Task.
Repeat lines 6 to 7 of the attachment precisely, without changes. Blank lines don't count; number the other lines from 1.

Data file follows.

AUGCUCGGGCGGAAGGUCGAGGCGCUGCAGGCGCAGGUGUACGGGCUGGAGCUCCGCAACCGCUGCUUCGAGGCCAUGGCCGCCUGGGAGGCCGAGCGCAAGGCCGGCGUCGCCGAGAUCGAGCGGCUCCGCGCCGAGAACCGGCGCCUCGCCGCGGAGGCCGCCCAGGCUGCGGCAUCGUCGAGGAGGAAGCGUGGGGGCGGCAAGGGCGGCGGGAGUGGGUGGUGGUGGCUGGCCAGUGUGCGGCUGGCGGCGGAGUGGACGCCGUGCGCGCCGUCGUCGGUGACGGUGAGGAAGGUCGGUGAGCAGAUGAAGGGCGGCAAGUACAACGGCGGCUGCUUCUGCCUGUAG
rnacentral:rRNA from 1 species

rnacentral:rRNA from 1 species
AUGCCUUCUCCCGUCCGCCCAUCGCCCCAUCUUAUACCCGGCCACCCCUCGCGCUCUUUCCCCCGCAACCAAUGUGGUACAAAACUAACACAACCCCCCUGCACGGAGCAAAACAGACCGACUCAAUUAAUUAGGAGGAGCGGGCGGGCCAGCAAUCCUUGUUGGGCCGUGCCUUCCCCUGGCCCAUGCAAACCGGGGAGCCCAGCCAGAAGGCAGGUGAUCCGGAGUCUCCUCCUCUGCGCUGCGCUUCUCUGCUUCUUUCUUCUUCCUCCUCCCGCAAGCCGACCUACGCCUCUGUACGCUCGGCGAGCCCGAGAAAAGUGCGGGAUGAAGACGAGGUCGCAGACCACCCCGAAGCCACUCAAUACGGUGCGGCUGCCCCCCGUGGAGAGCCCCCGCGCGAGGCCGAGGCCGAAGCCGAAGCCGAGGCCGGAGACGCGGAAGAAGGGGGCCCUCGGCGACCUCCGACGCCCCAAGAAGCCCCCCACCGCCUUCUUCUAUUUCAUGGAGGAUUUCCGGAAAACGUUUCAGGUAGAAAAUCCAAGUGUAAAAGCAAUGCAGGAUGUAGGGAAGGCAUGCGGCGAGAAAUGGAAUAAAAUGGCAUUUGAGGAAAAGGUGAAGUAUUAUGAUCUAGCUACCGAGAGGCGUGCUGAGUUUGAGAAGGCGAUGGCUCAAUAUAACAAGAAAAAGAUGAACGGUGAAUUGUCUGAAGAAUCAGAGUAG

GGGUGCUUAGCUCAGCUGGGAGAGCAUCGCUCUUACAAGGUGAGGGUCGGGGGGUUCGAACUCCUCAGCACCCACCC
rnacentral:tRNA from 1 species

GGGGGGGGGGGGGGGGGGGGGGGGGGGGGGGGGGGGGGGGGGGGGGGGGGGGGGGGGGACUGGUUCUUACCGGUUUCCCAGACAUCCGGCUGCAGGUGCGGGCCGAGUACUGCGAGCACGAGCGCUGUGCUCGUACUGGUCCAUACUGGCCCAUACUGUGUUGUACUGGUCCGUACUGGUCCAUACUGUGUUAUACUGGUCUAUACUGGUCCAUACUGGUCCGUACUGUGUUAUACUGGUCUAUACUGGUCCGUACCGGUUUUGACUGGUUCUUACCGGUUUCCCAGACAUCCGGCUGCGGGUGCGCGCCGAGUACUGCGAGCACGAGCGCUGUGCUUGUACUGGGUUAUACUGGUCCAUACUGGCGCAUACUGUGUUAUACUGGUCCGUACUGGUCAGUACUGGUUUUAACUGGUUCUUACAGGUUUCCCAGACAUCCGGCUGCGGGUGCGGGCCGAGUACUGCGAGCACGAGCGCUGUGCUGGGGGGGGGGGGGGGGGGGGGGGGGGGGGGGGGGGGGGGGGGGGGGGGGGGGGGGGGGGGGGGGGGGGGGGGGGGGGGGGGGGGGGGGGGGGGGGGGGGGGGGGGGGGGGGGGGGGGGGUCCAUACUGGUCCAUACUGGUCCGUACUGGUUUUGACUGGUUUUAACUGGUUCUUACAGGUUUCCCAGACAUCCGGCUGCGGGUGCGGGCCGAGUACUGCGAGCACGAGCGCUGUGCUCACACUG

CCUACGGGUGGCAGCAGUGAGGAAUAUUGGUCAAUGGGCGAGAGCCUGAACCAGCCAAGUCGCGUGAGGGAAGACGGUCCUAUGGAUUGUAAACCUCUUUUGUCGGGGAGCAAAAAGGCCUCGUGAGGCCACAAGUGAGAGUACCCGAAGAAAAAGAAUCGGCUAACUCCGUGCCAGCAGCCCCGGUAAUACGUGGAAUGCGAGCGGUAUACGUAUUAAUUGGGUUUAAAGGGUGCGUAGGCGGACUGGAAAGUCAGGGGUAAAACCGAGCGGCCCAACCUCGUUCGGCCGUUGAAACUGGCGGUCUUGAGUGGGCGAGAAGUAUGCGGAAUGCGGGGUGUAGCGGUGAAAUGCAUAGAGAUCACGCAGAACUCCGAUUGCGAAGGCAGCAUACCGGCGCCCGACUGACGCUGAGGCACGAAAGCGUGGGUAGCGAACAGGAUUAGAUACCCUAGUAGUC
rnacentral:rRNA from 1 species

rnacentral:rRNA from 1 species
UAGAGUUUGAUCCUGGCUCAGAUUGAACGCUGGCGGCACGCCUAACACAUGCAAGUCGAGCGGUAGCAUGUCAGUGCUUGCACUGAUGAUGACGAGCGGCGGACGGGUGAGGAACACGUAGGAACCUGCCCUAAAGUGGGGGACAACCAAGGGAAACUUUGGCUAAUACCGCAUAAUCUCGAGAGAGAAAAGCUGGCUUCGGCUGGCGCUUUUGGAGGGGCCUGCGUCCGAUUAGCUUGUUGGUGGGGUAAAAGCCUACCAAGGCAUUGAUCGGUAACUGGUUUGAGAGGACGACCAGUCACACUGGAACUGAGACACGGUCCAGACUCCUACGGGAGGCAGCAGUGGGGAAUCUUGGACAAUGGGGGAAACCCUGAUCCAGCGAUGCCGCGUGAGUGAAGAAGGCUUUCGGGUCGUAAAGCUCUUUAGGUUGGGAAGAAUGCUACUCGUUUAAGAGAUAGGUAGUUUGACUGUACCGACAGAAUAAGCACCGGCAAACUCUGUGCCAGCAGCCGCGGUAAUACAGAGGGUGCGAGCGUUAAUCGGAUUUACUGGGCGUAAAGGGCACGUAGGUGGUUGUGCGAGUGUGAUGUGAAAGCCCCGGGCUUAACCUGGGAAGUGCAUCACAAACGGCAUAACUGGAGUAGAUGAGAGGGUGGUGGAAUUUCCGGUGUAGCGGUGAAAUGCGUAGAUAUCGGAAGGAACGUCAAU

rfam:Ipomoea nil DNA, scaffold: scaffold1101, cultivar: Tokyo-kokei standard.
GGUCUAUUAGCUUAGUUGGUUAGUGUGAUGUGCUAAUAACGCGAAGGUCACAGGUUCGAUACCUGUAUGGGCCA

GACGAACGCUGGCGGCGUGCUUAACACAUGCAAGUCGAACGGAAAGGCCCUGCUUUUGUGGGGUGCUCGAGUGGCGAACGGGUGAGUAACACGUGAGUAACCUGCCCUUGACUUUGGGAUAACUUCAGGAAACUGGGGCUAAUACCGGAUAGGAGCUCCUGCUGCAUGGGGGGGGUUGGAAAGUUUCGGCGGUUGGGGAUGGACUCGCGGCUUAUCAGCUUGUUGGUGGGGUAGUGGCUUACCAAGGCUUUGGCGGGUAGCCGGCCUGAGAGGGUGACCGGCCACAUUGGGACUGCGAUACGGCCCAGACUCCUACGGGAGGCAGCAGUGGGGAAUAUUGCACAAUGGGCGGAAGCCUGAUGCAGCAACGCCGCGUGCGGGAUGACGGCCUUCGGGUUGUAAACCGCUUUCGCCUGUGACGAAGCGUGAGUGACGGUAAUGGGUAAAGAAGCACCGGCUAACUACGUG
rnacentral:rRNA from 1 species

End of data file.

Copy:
rnacentral:tRNA from 1 species

GGGGGGGGGGGGGGGGGGGGGGGGGGGGGGGGGGGGGGGGGGGGGGGGGGGGGGGGGGACUGGUUCUUACCGGUUUCCCAGACAUCCGGCUGCAGGUGCGGGCCGAGUACUGCGAGCACGAGCGCUGUGCUCGUACUGGUCCAUACUGGCCCAUACUGUGUUGUACUGGUCCGUACUGGUCCAUACUGUGUUAUACUGGUCUAUACUGGUCCAUACUGGUCCGUACUGUGUUAUACUGGUCUAUACUGGUCCGUACCGGUUUUGACUGGUUCUUACCGGUUUCCCAGACAUCCGGCUGCGGGUGCGCGCCGAGUACUGCGAGCACGAGCGCUGUGCUUGUACUGGGUUAUACUGGUCCAUACUGGCGCAUACUGUGUUAUACUGGUCCGUACUGGUCAGUACUGGUUUUAACUGGUUCUUACAGGUUUCCCAGACAUCCGGCUGCGGGUGCGGGCCGAGUACUGCGAGCACGAGCGCUGUGCUGGGGGGGGGGGGGGGGGGGGGGGGGGGGGGGGGGGGGGGGGGGGGGGGGGGGGGGGGGGGGGGGGGGGGGGGGGGGGGGGGGGGGGGGGGGGGGGGGGGGGGGGGGGGGGGGGGGGGGGUCCAUACUGGUCCAUACUGGUCCGUACUGGUUUUGACUGGUUUUAACUGGUUCUUACAGGUUUCCCAGACAUCCGGCUGCGGGUGCGGGCCGAGUACUGCGAGCACGAGCGCUGUGCUCACACUG